The Tasmanian Smart Seafood Partnership (TSSP) has co-invested in the first phase of a giant kelp restoration project. Run by the Institute for Marine and Antarctic Studies (IMAS), this project is supported by the National Environmental Science Program’s Marine Biodiversity Hub and the Climate Foundation.
Over the past few decades, Tasmania has lost 95% of its surface canopy-forming giant kelp due to warming waters. These magnificent underwater forests contribute to carbon sequestration through photosynthesis, and are a unique and integral part of Tasmania’s marine ecosystems. The project aims to repopulate areas of giant kelp with individuals that can withstand warmer waters, to a stage where they will self-recruit. “Restoring these endangered habitats will support Tasmanian marine biodiversity and hopefully provide increased resilience to our critically important marine environments into the future”, says IMAS Postdoctoral Research Fellow, Cayne Layton.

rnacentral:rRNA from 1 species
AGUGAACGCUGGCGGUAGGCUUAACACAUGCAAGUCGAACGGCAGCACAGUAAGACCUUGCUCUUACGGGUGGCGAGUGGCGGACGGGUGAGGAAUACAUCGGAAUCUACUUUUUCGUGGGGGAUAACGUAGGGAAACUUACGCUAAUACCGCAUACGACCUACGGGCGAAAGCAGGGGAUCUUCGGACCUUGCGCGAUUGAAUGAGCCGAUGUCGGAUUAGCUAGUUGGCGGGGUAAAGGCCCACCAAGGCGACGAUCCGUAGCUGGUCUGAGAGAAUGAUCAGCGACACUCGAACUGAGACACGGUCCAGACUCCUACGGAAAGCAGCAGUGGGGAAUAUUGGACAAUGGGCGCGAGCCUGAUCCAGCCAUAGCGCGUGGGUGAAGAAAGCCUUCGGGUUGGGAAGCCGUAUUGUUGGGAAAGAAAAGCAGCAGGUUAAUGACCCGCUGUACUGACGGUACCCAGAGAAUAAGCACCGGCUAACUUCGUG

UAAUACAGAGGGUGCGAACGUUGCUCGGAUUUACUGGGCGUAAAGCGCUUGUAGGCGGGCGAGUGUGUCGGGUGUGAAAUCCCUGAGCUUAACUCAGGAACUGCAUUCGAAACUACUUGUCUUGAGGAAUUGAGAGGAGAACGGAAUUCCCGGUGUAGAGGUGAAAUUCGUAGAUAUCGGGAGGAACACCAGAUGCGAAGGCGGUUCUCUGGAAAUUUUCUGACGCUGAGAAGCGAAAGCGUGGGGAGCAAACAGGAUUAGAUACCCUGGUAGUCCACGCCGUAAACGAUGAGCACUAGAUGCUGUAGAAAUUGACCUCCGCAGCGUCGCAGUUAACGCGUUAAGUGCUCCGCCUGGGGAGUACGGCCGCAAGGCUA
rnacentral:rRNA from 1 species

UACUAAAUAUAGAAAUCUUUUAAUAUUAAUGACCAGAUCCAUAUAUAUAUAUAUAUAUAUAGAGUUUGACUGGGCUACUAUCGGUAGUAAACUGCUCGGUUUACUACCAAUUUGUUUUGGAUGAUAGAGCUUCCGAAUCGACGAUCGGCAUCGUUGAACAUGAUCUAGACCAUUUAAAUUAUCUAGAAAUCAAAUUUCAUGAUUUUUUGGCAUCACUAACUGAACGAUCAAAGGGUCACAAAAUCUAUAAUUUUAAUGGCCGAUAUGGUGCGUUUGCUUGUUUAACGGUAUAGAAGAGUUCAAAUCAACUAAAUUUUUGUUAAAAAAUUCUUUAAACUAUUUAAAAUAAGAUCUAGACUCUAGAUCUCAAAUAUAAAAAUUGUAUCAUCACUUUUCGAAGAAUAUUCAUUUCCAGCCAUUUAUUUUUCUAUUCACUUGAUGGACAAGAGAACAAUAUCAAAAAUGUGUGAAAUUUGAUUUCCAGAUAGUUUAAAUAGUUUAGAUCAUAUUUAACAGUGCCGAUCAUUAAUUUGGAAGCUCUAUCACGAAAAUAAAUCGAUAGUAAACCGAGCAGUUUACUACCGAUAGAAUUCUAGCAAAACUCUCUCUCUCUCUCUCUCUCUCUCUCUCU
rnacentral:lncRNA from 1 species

The TSSP team is also working on developing community and education resources about marine habitat restoration to complement their seafood-related resources. More details on the TSSP and giant kelp can be found here, or visit the IMAS website to read more about the giant kelp restoration project.
The TSSP is hosted by NRM South and works in partnership with the Tasmanian Seafood Industry Council. It is funded by the Australian Department of Agriculture, Water and Environment through round one of the National Landcare Program’s Smart Farming Partnerships.